Second Writ Petition assailing same detention order is maintainable on grounds not available at the time of filing first petition

Karnataka High Court: While deciding the points of reference as laid before the Court in a set of writ petitions filed under Article 226 and 227 of the Constitution, a Full Judge Bench comprising of Subhro Kamal Mukherjee, CJ, B.V. Nagarathna, J. and Aravind Kumar, J. held that a second writ petition assailing the same detention order is maintainable on fresh grounds or new grounds.

The instant order of reference arose under provisions of the Karnataka Prevention of Dangerous Activities of Bootleggers, Drugs Offenders, Gamblers, Goondas, Immoral Traffic Offenders and Slum-Grabbers Act, 1985. Three points were referred to the High Court for appropriate orders. The Court decided on all the three points in seriatim.

On the point of maintainability of a second writ petition challenging the detention order, when the first one was already dismissed, the High Court held that a second writ petition based on the same grounds which were raised in the first petition is not maintainable on the principles of res judicata. However, it is maintainable if it is based on fresh grounds or those different from the ones taken in the first petition.

On the second point, it was held that the non-mentioning of the period of detention in the order of detention would not vitiate the same. However, in such a case the detenu could not be detained after a maximum period of twelve months as provided under Section 13 of the Act.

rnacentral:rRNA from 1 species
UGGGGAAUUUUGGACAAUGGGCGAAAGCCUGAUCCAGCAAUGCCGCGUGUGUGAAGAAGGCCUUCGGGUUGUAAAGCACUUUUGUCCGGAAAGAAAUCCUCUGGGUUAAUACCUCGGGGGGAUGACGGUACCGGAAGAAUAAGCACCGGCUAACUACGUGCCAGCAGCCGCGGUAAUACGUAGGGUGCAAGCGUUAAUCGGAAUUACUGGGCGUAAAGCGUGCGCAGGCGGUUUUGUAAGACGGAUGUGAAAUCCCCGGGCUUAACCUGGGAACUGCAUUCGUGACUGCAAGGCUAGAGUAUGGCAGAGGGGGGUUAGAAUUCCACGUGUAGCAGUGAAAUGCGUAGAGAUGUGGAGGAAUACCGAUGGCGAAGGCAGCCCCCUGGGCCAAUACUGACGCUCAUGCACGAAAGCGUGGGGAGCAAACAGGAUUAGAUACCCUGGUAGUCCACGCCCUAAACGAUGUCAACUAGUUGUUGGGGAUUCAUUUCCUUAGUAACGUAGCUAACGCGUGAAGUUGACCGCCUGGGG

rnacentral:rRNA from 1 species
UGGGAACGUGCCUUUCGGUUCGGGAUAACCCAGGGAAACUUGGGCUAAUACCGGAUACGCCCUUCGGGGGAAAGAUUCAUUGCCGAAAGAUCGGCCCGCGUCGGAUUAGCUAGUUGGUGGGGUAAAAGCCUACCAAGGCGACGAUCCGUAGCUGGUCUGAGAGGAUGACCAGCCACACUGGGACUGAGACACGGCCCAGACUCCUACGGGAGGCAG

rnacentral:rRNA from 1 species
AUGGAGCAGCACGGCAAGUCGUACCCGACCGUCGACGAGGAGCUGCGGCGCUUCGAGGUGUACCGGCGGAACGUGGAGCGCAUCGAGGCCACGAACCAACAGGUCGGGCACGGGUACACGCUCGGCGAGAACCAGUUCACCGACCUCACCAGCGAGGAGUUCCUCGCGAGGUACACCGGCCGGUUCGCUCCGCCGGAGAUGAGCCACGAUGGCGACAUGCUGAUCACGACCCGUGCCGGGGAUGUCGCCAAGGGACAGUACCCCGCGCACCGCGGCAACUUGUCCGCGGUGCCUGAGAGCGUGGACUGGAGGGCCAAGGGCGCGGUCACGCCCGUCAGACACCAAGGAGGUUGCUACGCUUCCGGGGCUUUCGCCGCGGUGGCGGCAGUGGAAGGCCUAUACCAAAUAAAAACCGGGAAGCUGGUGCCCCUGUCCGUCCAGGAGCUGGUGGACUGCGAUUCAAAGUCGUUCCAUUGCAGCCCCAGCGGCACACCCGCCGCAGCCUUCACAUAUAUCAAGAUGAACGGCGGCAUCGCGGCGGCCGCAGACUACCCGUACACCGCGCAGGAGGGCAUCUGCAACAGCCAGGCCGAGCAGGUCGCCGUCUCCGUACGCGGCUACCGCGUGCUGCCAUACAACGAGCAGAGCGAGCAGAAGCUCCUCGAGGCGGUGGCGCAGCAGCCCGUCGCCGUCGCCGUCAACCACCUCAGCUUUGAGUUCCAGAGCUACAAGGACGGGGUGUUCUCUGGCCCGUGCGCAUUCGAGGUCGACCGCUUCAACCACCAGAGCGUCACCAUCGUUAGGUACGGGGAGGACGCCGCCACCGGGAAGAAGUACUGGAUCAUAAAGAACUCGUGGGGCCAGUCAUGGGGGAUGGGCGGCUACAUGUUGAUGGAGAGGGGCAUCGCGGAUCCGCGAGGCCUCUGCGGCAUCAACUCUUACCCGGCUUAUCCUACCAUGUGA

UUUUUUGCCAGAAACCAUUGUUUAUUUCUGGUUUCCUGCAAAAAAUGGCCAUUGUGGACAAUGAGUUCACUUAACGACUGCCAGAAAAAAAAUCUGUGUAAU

Lastly, the High Court held that there was no nexus between Sections 3(1) and 3(2) of the Act, as Section 3(1) relates to the order of detention passed by the State Government, and

Section 3(2) relates to the order as passed by the delegated Authority. And the time period mentioned in both the provisions, have no nexus either. The time mentioned in the first provision relates to the period of detention and that mentioned in the second provision relates to the period of delegation.

The points of reference were answered accordingly and the writ petitions were directed to be placed before the appropriate bench. [Abdul Razak v. State of Karnataka, 2017 SCC OnLine Kar 2855, dated 7.10.2017]

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